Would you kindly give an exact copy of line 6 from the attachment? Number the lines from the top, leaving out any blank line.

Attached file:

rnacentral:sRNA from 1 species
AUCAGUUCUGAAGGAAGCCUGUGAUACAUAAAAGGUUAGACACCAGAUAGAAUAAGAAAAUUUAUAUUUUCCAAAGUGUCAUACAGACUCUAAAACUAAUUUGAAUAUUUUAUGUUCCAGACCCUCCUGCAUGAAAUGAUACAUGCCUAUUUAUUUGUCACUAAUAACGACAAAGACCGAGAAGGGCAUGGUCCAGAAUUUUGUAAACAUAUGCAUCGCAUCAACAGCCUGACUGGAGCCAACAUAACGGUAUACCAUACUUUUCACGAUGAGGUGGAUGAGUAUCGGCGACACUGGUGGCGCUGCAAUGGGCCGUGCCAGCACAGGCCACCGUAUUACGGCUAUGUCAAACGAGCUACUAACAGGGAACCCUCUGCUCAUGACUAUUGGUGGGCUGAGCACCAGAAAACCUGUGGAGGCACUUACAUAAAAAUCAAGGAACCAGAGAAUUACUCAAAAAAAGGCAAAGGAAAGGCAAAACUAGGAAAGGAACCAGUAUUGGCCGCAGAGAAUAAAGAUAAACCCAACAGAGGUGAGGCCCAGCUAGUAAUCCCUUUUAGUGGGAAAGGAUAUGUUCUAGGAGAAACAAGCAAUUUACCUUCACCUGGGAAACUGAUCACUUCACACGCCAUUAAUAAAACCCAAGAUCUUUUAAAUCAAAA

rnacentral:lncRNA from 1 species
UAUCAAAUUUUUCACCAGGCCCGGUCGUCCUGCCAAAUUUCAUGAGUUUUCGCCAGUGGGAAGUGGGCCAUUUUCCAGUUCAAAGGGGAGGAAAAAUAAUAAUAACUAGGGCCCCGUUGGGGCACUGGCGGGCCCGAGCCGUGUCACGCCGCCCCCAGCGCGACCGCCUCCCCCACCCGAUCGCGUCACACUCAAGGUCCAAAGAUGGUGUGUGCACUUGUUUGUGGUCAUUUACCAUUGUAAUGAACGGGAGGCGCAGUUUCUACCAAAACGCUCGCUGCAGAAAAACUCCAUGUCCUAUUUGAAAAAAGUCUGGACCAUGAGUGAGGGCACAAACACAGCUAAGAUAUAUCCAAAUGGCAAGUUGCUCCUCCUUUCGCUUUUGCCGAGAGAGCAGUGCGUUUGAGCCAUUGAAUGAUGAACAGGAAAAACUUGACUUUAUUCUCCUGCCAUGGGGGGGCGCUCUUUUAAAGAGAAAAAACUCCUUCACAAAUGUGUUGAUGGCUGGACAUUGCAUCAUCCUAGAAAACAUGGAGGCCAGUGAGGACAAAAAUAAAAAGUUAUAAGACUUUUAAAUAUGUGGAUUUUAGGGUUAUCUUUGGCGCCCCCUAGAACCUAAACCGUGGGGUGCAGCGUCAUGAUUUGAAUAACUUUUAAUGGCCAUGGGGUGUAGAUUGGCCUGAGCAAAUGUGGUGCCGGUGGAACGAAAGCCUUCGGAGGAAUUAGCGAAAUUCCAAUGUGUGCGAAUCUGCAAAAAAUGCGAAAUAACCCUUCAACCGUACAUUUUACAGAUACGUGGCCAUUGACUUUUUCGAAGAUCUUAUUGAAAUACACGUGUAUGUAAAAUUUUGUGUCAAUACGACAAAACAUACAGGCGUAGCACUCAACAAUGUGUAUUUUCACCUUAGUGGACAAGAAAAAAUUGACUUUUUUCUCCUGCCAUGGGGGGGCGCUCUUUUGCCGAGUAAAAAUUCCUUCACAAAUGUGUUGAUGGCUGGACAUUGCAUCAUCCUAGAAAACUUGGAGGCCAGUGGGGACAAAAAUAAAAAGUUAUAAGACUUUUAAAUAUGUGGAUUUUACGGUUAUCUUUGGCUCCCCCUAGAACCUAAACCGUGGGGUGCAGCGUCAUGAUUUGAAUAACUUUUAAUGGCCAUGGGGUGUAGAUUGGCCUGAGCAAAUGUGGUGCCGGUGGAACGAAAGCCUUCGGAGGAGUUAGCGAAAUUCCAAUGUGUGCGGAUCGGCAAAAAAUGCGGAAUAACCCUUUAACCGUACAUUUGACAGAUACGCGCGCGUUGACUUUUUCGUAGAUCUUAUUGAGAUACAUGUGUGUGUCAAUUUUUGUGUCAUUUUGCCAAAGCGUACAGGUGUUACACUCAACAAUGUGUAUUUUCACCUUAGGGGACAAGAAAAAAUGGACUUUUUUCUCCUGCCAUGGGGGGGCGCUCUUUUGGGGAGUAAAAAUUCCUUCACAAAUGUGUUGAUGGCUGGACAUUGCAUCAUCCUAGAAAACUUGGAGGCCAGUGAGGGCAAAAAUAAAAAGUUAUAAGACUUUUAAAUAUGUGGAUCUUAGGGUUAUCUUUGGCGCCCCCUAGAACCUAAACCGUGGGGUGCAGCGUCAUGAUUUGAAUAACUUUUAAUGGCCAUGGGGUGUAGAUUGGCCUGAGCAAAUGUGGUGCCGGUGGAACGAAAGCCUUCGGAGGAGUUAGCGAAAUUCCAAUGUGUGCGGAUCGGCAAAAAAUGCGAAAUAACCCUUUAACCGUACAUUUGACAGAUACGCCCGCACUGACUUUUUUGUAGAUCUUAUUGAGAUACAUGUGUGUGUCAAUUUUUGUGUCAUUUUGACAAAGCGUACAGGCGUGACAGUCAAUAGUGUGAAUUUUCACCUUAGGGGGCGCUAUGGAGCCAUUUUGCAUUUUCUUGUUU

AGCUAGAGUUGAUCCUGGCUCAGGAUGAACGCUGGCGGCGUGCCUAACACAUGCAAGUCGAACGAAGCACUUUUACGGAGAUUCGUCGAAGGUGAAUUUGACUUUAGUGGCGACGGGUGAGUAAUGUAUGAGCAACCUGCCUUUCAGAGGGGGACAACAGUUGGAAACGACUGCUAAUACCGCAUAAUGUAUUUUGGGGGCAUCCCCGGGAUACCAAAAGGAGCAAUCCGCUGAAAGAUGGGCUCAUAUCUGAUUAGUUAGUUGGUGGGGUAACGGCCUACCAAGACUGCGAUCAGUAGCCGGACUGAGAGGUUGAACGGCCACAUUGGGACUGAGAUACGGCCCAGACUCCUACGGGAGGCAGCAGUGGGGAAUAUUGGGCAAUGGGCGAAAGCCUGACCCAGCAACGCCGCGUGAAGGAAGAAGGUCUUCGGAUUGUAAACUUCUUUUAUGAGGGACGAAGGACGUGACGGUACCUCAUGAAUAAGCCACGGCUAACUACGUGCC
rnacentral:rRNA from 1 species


rnacentral:rRNA from 1 species